In a preferred embodiment, said vertical riser has a flexible joint in its bottom terminal portion, which joint is preferably reinforced and enables the portion of said vertical riser situated above said flexible joint to move through an angle α, said junction elements comprising said flexible joint or a portion of vertical riser situated beneath said flexible joint.
A flexible joint allows large variation in the angle α between the axis of riser and its ideal vertical position when at rest without leading to significant stresses in the portions of pipe that are situated on either side of the flexible joint: such flexible joints are known to the person skilled in the art and can be constituted by a spherical ball with a sealing gasket, or by a laminated ball made up of sandwiched sheets of elastomer and metal sheet bonded thereto, capable of accommodating large angular movements by deforming the elastomer sheets, while nevertheless maintaining complete leaktightness because of the absence of any rubbing joint surfaces. As a general rule, said angle α lies in the range 10° to 15°.
In all cases, said flexible joint is hollow so as to pass fluid, and its inside diameter is preferably the same as the diameter of the adjacent pipes connected thereto, and in particular equal to that of the vertical riser.
The term “reinforced flexible joint” is used herein to mean a joint capable of transferring to the moving support the vertical forces created by the tension generated by the under-surface float, and the horizontal forces created by swell, and currents acting on the vertical portion of the riser, on the float, and on the flexible connection to the floating support, and also by displacements of said floating support.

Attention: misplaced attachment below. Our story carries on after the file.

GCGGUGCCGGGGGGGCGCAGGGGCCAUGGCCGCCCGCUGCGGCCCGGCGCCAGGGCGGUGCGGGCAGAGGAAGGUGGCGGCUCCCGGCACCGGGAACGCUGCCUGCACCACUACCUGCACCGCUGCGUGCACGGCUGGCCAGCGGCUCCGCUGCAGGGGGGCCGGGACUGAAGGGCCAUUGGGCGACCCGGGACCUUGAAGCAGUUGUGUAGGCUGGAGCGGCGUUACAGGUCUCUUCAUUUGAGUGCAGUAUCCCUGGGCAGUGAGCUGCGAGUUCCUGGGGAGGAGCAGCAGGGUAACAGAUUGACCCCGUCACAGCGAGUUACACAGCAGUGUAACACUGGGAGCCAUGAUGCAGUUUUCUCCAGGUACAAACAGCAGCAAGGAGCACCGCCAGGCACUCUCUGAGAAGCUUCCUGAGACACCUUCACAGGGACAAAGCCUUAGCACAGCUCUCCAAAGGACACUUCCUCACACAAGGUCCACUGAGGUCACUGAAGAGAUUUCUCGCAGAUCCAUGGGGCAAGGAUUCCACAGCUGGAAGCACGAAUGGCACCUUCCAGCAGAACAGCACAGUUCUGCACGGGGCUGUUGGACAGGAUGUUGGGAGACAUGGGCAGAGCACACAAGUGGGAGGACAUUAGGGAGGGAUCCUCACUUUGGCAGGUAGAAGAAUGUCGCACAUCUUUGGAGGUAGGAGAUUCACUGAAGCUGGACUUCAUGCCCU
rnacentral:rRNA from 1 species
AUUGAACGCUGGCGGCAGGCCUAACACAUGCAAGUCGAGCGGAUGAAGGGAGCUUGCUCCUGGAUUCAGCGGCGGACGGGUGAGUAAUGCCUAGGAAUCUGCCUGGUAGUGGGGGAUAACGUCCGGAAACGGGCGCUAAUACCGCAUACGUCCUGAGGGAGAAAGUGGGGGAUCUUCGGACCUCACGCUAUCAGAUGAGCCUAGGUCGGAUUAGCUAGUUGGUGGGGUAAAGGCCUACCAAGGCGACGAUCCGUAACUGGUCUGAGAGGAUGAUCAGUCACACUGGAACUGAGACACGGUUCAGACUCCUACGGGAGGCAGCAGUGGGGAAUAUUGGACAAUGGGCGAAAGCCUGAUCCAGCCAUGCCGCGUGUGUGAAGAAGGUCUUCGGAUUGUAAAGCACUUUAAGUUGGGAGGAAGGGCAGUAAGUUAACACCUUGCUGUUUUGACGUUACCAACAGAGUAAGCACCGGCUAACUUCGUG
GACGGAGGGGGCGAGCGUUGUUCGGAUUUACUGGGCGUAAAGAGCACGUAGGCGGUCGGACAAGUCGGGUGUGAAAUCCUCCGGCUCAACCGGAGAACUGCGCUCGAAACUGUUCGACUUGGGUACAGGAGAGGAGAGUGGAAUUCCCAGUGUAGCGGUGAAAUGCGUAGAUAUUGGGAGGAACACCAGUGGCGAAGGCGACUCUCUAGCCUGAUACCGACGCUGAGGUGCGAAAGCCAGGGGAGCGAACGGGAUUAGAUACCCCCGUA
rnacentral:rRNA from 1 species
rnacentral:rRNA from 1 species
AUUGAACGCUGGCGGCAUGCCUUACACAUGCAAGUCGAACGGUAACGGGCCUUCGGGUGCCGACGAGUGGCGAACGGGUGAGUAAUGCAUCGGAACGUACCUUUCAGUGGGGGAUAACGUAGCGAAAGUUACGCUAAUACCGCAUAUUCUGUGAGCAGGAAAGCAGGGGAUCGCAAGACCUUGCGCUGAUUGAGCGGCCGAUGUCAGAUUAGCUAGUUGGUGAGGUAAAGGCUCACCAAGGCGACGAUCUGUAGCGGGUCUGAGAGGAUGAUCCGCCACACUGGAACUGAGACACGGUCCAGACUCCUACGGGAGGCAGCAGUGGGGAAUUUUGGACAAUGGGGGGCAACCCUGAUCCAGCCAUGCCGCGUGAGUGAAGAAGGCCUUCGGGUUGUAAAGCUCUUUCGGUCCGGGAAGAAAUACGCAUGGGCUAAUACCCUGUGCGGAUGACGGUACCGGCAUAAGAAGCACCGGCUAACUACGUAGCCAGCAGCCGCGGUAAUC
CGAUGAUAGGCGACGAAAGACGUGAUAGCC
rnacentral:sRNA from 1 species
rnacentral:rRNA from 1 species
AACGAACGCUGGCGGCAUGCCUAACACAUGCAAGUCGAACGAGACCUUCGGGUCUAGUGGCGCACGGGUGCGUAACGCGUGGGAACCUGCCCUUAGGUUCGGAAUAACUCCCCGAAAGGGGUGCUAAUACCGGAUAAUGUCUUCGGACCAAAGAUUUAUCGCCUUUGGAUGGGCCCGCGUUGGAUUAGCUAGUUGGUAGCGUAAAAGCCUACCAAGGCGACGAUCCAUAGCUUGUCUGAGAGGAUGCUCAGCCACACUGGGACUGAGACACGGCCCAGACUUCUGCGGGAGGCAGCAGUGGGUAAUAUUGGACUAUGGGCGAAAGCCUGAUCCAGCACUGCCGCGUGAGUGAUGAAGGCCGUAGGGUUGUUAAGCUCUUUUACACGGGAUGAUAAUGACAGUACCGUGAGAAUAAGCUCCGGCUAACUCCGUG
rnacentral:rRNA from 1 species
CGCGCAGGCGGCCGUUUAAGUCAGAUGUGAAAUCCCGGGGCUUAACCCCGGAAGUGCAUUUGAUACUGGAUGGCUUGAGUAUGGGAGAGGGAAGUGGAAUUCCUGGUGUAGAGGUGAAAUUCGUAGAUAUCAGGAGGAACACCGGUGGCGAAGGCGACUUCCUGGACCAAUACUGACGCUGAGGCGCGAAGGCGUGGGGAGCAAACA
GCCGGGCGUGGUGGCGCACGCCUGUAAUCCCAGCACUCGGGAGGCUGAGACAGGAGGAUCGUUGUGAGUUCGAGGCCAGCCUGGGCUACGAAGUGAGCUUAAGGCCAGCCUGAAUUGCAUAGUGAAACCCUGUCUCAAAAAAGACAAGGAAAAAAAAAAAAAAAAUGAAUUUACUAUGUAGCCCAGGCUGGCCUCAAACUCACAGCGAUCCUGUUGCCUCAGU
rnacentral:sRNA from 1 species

When said junction elements include a said flexible joint, said flexible joint is thus held fixed relative to said moving support. Said flexible joint then corresponds to a terminal element of the junction elements, providing the junction with said vertical riser.
Because of the presence of the flexible joint, and because of the flexible connection to the floating support situated at the top of the vertical riser, horizontal displacement of the base of the vertical riser which is at a point of substantially fixed altitude does not lead to any significant force in the hinged assembly constituted by said moving support, said flexible joint, said riser, and said connection to the surface support, under the effect of displacements of said moving support within said base platform, which displacements do not in general exceed 5 m.
A known method of acting on the inside of pipes is referred to as the “coiled-tubing” method which consists in pushing a rigid tube of small diameter, generally 20 millimeters (mm) to 50 mm along the inside of the pipe. The rigid tube is stored by being wound merely by bending on a drum, and is then untwisted while being unwound. Said tube can be several thousand meters long in a single length. The end of the tube situated on the storage drum is connected via a rotary joint to a pumping device capable of injecting liquid at high pressure and high temperature. Thus, by pushing the fine tube along the pipe and by maintaining pumping and pressure, the pipe can be cleaned by injecting a hot substance capable of dissolving plugs. This method of taking of taking action is commonly used on vertical wells or pipes that have become obstructed by paraffin or hydrates forming, which phenomena occur often and are to be feared in all installations that produce crude oil. The coiled-tubing method is referred to below as coiled-tubing cleaning or CTC.